Atlas Shrugged LO9874/Hitler

Carol Sager (
Tue, 10 Sep 1996 12:41:44 -0400

Replying to LO9835 --

Responding to Grover Partee (comments below)

One of the most significant and most frightening learnings that comes
from studying Hitler is that if you tell a lie loud enough, long enough,
and to enough people it becomes a "truth."

I understand your comments about the need to examine an "ends justify
the means approach" and paternalism. However, given Hitler's intent (and
Galt's), it is hard to see how using Hitler as an example counters in
any way the philosophy espoused in Atlas Shrugged. Evil intent cannot be
dismissed and "tools" derive their meaning from the people who use them.

Carol Sager, Sager Educational Enterprises
Critical Linkages II Newsletter; 21 Wallis Road,
Chestnut Hill, MA 02167; V.(617)469-9644; Fax(same)-9639

Grover Partee wrote:

> -- pseudo-quote --
> . . . Hitler collected up the finest minds in the world and bound them
> together in a common cause of huge scope and import. He was, obviously, an
> inspirational leader as well as an individual innovator - bearing the mark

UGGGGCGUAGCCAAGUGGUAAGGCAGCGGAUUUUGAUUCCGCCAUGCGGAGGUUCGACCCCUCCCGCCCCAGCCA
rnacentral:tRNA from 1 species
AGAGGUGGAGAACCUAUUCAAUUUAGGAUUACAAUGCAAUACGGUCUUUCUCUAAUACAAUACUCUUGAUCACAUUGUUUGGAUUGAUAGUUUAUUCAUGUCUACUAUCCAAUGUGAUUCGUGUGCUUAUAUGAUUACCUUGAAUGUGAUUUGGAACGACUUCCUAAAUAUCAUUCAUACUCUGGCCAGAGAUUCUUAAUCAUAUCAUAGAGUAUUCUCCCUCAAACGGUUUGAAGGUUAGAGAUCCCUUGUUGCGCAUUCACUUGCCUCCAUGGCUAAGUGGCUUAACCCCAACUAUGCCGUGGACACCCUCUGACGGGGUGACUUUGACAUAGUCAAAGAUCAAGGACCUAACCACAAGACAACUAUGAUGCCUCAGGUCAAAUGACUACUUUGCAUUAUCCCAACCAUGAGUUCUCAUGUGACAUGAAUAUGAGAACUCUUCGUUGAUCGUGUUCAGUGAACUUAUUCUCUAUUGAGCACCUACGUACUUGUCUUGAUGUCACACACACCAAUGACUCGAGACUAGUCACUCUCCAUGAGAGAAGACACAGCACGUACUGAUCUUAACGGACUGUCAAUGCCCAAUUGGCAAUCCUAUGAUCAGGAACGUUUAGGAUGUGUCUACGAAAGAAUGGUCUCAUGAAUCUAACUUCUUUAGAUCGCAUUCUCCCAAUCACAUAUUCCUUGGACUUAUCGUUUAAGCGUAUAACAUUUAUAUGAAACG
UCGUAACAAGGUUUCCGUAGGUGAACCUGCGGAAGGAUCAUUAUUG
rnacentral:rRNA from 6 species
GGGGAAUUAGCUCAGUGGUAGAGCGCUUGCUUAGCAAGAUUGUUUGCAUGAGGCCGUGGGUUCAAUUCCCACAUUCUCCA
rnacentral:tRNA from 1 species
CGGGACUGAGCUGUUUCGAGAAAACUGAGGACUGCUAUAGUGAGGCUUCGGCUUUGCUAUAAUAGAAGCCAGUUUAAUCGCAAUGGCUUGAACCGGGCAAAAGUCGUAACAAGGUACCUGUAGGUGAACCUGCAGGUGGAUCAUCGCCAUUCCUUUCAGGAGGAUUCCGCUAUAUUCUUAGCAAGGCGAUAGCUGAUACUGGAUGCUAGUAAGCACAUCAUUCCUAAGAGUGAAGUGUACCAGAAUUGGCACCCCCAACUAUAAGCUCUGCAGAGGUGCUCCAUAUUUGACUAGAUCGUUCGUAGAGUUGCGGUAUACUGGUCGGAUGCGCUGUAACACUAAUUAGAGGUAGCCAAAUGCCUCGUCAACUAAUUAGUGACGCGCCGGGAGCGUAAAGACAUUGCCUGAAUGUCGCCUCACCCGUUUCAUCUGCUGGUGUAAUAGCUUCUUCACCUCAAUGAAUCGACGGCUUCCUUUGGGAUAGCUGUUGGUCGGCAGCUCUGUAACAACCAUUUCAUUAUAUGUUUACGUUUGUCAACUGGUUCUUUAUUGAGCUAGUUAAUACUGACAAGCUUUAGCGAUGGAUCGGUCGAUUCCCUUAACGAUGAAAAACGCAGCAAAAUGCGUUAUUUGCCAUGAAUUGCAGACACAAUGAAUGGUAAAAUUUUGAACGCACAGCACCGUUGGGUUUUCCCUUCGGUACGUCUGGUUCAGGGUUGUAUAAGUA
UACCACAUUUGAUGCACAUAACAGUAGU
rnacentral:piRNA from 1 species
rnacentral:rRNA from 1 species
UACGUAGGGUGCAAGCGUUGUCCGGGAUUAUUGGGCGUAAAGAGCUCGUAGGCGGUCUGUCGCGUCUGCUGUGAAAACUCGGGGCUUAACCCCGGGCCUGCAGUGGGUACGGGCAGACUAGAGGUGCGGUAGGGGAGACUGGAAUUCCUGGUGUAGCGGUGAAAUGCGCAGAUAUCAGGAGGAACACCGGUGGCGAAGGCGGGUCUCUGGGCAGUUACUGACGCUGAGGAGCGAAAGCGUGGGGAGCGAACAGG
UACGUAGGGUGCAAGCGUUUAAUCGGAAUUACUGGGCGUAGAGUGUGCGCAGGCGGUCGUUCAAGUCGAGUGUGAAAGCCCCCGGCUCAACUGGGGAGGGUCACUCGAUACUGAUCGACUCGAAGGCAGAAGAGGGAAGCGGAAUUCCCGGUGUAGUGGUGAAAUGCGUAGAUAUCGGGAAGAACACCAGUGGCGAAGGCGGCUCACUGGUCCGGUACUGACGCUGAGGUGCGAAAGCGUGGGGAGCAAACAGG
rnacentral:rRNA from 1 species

> of both these types of genius. By bringing these people together, in fact,
> innovation after innovation resulted, so much so that the characters in
> the novel treat the innovations quite "matter of factly" - Little doubt
> that Adolf Hitler had formed the epitome of the Learning Organizations.
> -- end pseudo-quote --
> Hmm. OK, I'll agree that "finest minds in the world" may be a bit of a
> stretch and we have to set aside our usual convention of considering an
> "innovation" as some sort of step forward. The Blitzkreig is, I believe,
> so considered by military theorists, but few people today are willing to
> accept Auschwitz as any sort of step forward. But, with those provisos,
> is the above not essentially true?

The concern I have is not that John Galt did bad things or was not
successful or that Objectivism is essentially evil. Rather I would
arguethat the tools presented in Rand's and Braden's philosophy lend
themselves as easily -- perhaps even more so -- to a totally
self-centered andself-serving, amoral aquisition of power and wealth to
the detriment ofothers and to the detriment, if need be, of our

> If we're going to learn, however, we need to understand
> that (1) we are not going to be taken care of (i.e., John Galt is not
> coming to save us) and (2) we have no business taking care of others
> (i.e., we aren't John Galt either.) Care taking is just being a "good
> Daddy."

Carol Sager <>

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